Nicola Shaw, the chief executive of the first high-speed rail line between London and the Channel Tunnel, was appointed by the Government to conduct an independent review of Network Rail after it was moved back onto the public books following European rule changes last year.

As a result, its debt pile of £38bn was reclassified as public sector borrowing – while at the same time the organisation was prevented from borrowing freely from private lenders to fund already overrunning and over-budget development.

The Sunday Times says Shaw has said her ten-strong team will look at "whether the business should remain directly funded by government, if it should hand out concessions to companies to run stretches of track, or be fully privatised, all with the aim of reducing its debt". Some industry experts expect the review to result "in a number of routes being auctioned off as concessions to pension funds and sovereign wealth giants", following the successful model used for HS1.

Shaw confirmed to the BBC a partial or total sell-off "was absolutely on the table; it can't not be", ahead of a final report due before the Budget in March. Hers is one of three reviews into poor performance at Network Rail, which has overseen delays on £38bn worth of infrastructure projects and has consistently missed general service targets.

Earlier this year, the Government took the extraordinary step of intervening to pause some major works, launch the trio of investigations, and sack the chairman of Network Rail, Richard Parry-Jones (see below).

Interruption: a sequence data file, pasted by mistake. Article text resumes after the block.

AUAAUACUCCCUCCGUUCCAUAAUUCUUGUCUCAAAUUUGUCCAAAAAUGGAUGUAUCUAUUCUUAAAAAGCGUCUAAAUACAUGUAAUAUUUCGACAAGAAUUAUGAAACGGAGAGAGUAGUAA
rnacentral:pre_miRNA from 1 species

But any proposal to privatise the body will meet with stiff resistance from increasingly restive unions and amid a growing sense that the public supports a renationalisation of the railways, as proposed by Labour leader Jeremy Corbyn. The Guardian says RMT general secretary Mick Cash has pledged any "threat to bust up and sell off Network Rail will meet with the hardest possible industrial and political response".

Network Rail £38bn upgrades to 'take longer and cost more'

25 June

Two major projects to electrify antiquated sections of the rail network in the Midlands and northern England have been "paused" by the Government, which has revealed concerns over the performance of monopoly infrastructure controller Network Rail.

In a parliamentary address, Transport Secretary Patrick McLoughlin cited the travel chaos which plagued passengers using Kings Cross in December and London Bridge in January as he said the performance of Network Rail "has not been good enough".

In addition to a series of punitive measures, including the withdrawal of bonuses for senior executives and the departure of chairman Richard Parry-Jones, McLoughlin said that work to electrify the mainline between London St Pancras and Sheffield, and the Transpennine route between Manchester and Leeds, would be "paused".

According to The Mirror, other major work which is part of the £38.5bn five-year programme of investment unveiled in 2012, including London's Crossrail and Thameslink developments, and upgrades to the Great Western and Great Eastern mainlines, will be unaffected.

Speaking to the BBC, Network Rail chief executive Mark Carne said Network Rail had been 'overwhelmed' by the strains of undertaking the ambitious work while maintaining a seven-day service across the UK. He added that the upgrades would go ahead, but would "take longer and are going to cost more than we originally thought".

BBC Business Editor Kamal Ahmed cited Whitehall sources stating that the Conservative manifesto pledge to spend £38bn over five years is "still the plan", but that this would achieve less than originally thought. The future for the paused programmes, which Carne said the network "absolutely" needs, is less clear.